Two thirds of residents in the local council area are considered overweight or obese.
A recent study conducted by the Mitchell Institute at Victoria University, shows the high obesity rates in the Naracoorte/Lucindale region, along with the potential reasoning behind the statistics.
The study provides an extensive look at the obesity rate from council areas across the country, and the truth cannot be sugarcoated for the local council area.
The numbers aren't pretty for adult residents living in the Naracoorte/Lucindale district, with 32.9 per cent of adults being considered obese. When broken down, this means approximately 2029 adults in the region are considered obese.
When adults who are considered overweight are added to the data, the total overweight/obese percentage rises to 66.9 per cent (approximately 4104 adults).
Youths were also included into the study, with 5.5 per cent of the region's youth being considered obese.
Including children who are considered overweight, the total overweight/obese percentage rises to 22.7 per cent.
Professor Rosemary Calder from the Mitchell Institute at Victoria University said action was needed to focus on prevention strategies in the most disadvantaged communities.
"We have spent too long as a nation expecting individuals to be able to change their behaviour to reduce their weight," professor Calder said.
"However, the evidence is very clear that this has little chance of success without a very strong focus on the environmental factors in the places where we live that contribute to poor nutrition and inactivity."
Professor Calder added it was no surprise that Australia's wealthy city suburbs have the lowest rates of obesity.
"These suburbs are usually green and leafy, with more space dedicated to parks, gardens and recreational facilities," professor Calder said.
"They often are well serviced by public transport, bike paths and are relatively close to where people work which enables people to be physically active in their commute to work, rather than rely on the car.
"They have a greater density of shops selling fresh fruit and veg, greater competition promoting lower prices for healthy foods and fewer fast food outlets."
People in wealthier suburbs tend to have better access to information about healthy diet and the financial means to access healthy food options and enjoyable physical activity.
Professor Calder said low socio-economic communities were often new suburbs and regional areas, and these places rarely have the physical infrastructure that supports healthy lifestyles.
She also said places with the highest rates of obesity, also have much higher rates of smoking, inactivity and chronic illness, highlighting the impact of poverty on health.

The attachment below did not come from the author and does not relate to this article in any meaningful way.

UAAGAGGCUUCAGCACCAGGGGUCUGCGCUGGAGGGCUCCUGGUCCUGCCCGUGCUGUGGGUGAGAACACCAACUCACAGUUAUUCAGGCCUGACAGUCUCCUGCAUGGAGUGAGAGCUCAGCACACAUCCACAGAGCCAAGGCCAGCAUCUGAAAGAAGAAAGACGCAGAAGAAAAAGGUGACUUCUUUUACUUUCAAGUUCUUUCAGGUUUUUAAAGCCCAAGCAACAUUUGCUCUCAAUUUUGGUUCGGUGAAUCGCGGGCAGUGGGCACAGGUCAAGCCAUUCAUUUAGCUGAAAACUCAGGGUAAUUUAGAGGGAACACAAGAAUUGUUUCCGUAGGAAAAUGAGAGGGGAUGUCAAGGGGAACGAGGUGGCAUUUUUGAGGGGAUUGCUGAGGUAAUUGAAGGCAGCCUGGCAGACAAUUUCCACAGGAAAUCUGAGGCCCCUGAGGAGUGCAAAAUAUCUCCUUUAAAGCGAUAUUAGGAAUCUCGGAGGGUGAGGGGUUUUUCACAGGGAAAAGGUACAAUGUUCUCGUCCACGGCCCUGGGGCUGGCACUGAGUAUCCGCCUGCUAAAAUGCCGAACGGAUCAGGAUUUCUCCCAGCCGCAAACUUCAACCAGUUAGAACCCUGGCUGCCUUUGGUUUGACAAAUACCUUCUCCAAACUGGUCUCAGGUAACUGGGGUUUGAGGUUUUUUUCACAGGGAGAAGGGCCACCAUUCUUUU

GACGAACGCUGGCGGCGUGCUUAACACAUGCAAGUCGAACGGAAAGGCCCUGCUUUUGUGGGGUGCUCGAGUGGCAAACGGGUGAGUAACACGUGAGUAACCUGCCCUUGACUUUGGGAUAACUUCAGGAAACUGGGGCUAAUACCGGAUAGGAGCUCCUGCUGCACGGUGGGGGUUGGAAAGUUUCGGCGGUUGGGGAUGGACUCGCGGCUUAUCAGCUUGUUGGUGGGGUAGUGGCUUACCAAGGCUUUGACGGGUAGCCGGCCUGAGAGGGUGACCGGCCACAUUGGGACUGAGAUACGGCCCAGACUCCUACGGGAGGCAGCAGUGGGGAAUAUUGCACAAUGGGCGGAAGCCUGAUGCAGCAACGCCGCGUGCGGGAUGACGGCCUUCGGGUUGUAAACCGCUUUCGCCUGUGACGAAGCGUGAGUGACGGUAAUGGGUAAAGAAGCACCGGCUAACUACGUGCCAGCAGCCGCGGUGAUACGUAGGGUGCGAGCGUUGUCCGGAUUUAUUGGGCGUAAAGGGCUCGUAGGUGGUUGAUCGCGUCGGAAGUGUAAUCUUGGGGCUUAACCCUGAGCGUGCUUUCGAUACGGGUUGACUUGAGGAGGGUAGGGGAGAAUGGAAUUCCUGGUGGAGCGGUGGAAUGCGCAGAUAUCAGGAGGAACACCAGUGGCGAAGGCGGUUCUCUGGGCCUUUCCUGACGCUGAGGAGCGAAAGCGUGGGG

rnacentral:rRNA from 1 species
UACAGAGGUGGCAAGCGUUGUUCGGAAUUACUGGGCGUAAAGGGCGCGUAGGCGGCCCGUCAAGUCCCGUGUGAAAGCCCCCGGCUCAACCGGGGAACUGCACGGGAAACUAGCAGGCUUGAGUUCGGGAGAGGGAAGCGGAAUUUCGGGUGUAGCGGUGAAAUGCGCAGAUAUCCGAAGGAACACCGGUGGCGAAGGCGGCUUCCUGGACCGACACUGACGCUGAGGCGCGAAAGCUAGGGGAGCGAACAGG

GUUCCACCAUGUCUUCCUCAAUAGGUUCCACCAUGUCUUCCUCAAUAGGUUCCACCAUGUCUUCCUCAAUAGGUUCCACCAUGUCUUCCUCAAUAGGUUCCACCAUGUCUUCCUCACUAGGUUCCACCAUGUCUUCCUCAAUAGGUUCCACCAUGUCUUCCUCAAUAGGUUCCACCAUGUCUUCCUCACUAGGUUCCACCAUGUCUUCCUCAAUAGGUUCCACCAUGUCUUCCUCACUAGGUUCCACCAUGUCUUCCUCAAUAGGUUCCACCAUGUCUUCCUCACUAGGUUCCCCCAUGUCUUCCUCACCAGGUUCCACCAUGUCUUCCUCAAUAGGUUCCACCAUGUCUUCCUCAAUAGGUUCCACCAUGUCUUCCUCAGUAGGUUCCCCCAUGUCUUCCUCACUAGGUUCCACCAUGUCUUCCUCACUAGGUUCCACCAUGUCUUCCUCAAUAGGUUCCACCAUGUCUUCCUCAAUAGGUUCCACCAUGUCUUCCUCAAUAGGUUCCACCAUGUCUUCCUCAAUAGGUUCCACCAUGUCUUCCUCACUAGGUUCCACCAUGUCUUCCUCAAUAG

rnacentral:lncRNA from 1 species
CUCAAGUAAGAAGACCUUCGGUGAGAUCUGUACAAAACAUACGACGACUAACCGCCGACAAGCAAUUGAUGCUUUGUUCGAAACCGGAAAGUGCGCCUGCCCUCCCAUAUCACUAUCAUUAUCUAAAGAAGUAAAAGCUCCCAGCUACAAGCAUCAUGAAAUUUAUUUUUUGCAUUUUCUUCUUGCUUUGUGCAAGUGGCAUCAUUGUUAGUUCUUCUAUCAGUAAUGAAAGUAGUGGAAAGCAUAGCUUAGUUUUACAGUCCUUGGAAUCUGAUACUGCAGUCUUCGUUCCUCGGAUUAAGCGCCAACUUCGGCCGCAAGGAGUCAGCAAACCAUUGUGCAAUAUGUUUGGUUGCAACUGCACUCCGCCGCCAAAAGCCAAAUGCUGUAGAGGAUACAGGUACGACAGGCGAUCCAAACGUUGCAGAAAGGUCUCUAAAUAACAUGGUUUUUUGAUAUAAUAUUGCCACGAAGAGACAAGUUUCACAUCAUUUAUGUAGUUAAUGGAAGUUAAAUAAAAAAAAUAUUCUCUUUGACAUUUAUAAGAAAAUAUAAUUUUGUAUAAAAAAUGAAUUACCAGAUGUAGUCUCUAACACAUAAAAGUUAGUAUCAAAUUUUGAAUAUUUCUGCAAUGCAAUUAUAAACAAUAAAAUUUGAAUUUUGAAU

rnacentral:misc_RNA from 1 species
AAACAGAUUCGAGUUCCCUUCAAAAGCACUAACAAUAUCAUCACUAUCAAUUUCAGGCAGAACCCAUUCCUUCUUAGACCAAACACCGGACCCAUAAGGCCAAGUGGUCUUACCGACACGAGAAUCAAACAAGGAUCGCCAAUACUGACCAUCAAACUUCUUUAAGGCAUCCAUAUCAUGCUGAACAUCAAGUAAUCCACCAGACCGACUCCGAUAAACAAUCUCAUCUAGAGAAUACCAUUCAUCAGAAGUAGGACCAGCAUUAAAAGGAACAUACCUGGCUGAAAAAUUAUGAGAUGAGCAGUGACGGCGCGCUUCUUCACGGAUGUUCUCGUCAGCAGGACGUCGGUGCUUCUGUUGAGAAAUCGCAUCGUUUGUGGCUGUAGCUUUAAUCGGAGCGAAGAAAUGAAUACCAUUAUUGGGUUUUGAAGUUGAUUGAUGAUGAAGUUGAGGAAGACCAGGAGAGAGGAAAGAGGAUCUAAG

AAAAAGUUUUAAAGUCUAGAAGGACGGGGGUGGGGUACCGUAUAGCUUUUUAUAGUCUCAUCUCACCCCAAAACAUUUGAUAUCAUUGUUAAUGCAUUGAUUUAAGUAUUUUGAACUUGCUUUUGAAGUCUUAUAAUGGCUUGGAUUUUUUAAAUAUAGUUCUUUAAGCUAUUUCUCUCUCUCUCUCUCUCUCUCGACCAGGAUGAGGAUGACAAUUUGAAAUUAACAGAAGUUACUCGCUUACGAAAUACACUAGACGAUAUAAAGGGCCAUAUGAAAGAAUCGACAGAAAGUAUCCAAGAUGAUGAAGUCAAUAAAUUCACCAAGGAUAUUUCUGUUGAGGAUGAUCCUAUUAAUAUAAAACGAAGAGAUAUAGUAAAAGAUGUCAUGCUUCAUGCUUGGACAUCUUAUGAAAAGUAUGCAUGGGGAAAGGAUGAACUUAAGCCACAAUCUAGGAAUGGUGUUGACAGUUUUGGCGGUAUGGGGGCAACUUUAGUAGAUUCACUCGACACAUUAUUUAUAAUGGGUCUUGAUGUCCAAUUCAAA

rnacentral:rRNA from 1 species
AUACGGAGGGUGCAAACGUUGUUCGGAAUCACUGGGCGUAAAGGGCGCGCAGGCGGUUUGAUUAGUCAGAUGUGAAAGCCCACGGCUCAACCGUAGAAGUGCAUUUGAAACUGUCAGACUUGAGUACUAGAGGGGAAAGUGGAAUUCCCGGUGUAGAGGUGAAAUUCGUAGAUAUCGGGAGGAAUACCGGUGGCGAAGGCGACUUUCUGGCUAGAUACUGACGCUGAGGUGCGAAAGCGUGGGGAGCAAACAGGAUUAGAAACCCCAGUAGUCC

"Local governments are critical to local planning and the creation of healthy and active spaces for their residents. However, they are often hampered by lack of funding and regulatory power," professor Calder said.
The Australian Health Policy Collaboration, led by the Mitchell Institute, has a 2025 target of reducing Australia's adult obesity rate to 24.6 per cent.
Obesity has a string of health risks including diabetes, some cancers, heart disease, arthritis and dementia.
Supermarkets have an important role to play in reducing obesity rates, by ensuring there are more healthy options than unhealthy options for shoppers.
SA Health is making it easier for communities in rural and regional towns to eat healthy, with its annual SA Healthy Towns Challenge.
This challenge is a grant program aimed to develop preventive health programs in towns across the region.
Grants of up to $50,000 are provided to five or more towns across the state, with 2019 grant recipients already making use of their money.
Naracoorte and surrounding towns are encouraged to follow suit of previous grant recipients, Coorong, Yankalilla, Ceduna, Leigh Creek and the Barossa, and take a step towards a happier, healthier community.
Some examples of projects include establishing a farmers' market to increase access to affordable healthy food, conducting a health screening or upgrading community sporting facilities.
This challenge is part of the SA government's Healthy Communities Program, and enquiries for the next round of grants can be made via sahealth.sa.gov.au.
Across the nation, 91 per cent of young people, eight per cent of children and seven per cent of adults are not getting enough physical activity.
With the appropriate funding, education and support, the 32.9 per cent obesity statistic among adults in the Naracoorte/Lucindale region could reduce drastically.
Further information on the Mitchell Institutes' research can be found on their website.